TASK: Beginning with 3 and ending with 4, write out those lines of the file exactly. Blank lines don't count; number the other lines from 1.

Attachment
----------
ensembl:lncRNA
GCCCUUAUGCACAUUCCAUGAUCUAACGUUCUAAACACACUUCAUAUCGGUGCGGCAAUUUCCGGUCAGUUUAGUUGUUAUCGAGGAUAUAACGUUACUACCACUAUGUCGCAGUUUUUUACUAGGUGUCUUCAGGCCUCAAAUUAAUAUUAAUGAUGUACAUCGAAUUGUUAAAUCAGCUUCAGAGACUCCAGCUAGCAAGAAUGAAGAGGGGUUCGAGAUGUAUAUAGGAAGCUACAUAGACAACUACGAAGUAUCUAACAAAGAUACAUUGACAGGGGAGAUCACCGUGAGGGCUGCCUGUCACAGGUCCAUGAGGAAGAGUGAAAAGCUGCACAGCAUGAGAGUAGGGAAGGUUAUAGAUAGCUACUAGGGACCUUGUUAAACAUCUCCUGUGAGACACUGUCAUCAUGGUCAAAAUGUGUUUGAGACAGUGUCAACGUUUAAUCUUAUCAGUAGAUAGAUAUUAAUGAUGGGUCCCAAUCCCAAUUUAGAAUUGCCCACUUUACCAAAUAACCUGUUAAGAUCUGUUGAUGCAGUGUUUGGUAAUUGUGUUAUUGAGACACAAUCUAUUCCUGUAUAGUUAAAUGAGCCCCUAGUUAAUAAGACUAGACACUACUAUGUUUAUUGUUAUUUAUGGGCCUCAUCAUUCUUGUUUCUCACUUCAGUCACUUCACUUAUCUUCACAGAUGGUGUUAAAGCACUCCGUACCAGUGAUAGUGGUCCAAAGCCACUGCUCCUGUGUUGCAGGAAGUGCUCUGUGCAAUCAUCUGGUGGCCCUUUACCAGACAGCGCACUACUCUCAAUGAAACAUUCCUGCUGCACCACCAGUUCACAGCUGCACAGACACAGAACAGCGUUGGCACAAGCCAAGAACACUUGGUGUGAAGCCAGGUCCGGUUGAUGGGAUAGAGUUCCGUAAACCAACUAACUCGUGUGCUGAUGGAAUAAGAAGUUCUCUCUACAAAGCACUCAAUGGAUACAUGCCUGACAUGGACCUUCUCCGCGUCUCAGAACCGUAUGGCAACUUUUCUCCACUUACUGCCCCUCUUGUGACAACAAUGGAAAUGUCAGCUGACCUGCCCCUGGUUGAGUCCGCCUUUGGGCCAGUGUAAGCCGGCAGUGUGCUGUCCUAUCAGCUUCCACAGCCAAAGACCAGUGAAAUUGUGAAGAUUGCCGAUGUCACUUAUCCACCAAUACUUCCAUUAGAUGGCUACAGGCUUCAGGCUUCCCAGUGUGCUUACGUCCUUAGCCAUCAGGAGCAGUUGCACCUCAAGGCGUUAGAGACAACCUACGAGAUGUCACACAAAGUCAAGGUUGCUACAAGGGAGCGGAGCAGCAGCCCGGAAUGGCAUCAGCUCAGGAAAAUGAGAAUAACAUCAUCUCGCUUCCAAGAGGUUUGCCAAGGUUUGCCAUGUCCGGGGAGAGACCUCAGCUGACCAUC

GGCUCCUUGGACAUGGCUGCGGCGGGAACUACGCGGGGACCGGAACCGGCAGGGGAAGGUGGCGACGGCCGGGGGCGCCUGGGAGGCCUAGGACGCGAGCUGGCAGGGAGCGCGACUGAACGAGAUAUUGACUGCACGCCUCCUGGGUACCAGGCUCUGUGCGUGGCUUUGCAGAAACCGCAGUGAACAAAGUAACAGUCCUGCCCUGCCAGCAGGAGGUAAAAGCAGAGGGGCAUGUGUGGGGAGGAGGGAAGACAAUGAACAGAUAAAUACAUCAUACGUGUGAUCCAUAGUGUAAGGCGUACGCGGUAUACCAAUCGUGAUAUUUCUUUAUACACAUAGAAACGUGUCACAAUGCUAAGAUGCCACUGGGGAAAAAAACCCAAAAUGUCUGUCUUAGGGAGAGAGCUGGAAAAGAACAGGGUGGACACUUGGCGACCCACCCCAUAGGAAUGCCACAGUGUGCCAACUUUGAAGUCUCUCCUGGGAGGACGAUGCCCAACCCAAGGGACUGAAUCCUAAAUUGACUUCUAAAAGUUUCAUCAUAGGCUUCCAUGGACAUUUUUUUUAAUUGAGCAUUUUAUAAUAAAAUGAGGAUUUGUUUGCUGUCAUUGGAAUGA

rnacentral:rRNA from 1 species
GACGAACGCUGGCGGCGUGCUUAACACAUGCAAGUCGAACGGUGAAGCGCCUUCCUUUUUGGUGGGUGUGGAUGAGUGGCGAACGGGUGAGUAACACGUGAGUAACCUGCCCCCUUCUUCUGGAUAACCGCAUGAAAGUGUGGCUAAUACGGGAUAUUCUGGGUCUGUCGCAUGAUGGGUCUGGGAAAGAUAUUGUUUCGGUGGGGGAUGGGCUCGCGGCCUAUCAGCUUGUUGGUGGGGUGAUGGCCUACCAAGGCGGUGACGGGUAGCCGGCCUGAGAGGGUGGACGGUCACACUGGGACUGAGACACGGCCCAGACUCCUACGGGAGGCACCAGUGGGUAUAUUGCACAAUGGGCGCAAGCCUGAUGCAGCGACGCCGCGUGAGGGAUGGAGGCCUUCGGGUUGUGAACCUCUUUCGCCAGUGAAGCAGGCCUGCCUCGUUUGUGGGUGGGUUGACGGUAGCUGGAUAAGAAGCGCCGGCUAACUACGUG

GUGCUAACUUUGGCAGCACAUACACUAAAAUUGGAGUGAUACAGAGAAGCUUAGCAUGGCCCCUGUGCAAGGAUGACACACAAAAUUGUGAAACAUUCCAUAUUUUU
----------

GGCUCCUUGGACAUGGCUGCGGCGGGAACUACGCGGGGACCGGAACCGGCAGGGGAAGGUGGCGACGGCCGGGGGCGCCUGGGAGGCCUAGGACGCGAGCUGGCAGGGAGCGCGACUGAACGAGAUAUUGACUGCACGCCUCCUGGGUACCAGGCUCUGUGCGUGGCUUUGCAGAAACCGCAGUGAACAAAGUAACAGUCCUGCCCUGCCAGCAGGAGGUAAAAGCAGAGGGGCAUGUGUGGGGAGGAGGGAAGACAAUGAACAGAUAAAUACAUCAUACGUGUGAUCCAUAGUGUAAGGCGUACGCGGUAUACCAAUCGUGAUAUUUCUUUAUACACAUAGAAACGUGUCACAAUGCUAAGAUGCCACUGGGGAAAAAAACCCAAAAUGUCUGUCUUAGGGAGAGAGCUGGAAAAGAACAGGGUGGACACUUGGCGACCCACCCCAUAGGAAUGCCACAGUGUGCCAACUUUGAAGUCUCUCCUGGGAGGACGAUGCCCAACCCAAGGGACUGAAUCCUAAAUUGACUUCUAAAAGUUUCAUCAUAGGCUUCCAUGGACAUUUUUUUUAAUUGAGCAUUUUAUAAUAAAAUGAGGAUUUGUUUGCUGUCAUUGGAAUGA

rnacentral:rRNA from 1 species